Not all in the mind: A Physical Cause for Depression

Posted: March 6, 2011 in Uncategorized

The malaise theory of depression

New research suggests that major depressive disorder is about the body and not the brain

Findings suggest that depression is a ‘normal’ brain’s response to an abnormal body state; and that antidepressants help lift depression due to the same analgesic effect that is utilised when they are prescribed for chronic physical pain.

MDD (major depressive disease) appears to be generated by abnormalities in cytokines.  These are the chemicals released in inflammatory and autoimmune disorders — they are the “feelbad factor” responsible for the malaise we experience when suffering from flu.   When a person becomes clinically depressed, it now appears that an inflammatory or autoimmune process in the body is triggering the release of cytokines, with the result that the flu-like malaise is present all the time.  It is now being realised that when antidepressants work, it is through analgesic action on the cytokine-generated malaise.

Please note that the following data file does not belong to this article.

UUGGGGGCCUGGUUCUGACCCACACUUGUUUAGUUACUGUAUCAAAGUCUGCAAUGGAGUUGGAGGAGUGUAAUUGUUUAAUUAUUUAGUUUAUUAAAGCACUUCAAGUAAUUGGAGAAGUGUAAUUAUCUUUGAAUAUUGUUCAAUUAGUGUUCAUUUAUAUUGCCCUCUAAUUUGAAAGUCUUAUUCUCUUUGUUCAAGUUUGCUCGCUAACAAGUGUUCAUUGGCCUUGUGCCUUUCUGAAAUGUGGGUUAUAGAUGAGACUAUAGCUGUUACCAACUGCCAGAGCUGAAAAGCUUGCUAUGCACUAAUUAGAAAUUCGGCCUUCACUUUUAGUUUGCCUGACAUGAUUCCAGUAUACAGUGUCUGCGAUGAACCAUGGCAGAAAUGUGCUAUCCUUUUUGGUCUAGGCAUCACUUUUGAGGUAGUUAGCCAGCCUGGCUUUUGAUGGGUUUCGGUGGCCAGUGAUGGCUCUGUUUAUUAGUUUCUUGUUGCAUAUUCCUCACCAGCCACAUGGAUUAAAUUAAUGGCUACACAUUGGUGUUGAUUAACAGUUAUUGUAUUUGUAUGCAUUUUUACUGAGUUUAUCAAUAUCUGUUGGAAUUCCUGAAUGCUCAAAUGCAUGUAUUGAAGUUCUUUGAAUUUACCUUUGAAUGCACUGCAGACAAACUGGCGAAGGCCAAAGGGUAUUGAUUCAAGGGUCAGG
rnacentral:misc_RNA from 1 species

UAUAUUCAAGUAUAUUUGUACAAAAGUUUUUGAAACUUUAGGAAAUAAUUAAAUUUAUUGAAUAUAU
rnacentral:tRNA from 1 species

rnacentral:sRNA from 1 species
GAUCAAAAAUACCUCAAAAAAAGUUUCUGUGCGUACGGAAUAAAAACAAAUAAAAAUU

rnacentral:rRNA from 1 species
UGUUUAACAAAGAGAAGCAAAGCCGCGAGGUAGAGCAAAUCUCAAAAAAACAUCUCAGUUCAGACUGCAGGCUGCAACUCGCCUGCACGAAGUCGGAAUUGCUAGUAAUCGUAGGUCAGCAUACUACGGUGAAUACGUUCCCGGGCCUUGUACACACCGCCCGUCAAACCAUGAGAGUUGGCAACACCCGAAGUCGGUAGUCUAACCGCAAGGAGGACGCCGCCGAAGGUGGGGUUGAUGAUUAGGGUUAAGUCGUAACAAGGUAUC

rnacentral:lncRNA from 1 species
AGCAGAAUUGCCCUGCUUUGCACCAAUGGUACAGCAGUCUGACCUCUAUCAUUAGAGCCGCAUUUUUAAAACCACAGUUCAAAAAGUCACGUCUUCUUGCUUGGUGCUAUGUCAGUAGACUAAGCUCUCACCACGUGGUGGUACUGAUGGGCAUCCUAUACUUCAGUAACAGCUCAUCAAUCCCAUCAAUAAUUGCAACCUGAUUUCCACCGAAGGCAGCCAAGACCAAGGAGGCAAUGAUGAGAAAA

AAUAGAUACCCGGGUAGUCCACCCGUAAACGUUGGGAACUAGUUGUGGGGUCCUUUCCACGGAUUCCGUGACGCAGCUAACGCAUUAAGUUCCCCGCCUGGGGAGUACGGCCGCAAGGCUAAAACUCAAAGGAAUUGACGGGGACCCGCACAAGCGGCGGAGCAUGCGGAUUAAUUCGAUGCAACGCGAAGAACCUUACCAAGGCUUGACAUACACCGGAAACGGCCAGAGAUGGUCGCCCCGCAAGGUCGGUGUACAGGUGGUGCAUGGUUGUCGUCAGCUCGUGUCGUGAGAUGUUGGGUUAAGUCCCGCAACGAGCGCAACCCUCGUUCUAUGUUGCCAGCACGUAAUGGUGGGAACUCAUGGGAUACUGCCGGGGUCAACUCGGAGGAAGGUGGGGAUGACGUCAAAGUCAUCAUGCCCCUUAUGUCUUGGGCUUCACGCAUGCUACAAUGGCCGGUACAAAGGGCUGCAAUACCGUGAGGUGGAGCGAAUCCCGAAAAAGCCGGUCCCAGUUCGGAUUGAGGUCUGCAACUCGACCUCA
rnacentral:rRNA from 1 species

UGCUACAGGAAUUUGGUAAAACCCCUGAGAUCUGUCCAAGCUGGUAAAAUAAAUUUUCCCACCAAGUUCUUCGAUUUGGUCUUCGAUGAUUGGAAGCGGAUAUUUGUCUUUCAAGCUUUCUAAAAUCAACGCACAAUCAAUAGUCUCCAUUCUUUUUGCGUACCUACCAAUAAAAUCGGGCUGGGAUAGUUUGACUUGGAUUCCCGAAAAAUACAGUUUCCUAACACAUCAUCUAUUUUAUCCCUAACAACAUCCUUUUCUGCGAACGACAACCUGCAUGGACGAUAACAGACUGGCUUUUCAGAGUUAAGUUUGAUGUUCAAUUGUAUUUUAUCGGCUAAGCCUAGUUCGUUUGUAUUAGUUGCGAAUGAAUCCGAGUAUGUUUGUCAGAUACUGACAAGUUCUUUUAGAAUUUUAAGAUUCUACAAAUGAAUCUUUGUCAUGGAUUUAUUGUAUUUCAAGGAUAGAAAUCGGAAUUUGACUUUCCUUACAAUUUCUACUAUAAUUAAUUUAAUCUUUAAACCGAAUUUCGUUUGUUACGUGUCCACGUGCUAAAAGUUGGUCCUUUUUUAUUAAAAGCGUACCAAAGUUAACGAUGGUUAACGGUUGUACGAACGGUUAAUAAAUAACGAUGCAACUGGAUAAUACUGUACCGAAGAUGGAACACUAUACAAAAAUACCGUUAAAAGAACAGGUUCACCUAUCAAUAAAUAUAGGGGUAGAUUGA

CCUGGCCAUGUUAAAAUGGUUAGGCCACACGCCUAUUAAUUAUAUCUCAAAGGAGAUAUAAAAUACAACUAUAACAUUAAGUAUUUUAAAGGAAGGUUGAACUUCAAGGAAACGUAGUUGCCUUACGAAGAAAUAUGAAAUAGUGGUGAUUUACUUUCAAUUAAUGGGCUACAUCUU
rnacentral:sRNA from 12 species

So this would seem to explain why some patients diagnosed with fibromyalgia feel better on antidepressants (another reason why they might, is because drugs such as amitriptyline apparently can flog a sluggish thyroid back into service for a while, so reducing many of the symptoms of any  underlying hypothyroidism.) 

So when antidepressants seem to help a “fibromyalgia” patient, this should act as a red flag to doctors to check for autoimmune and inflammatory disorders, such as rheumatoid arthritis, lupus and Hashimoto’s hypothyroidism.

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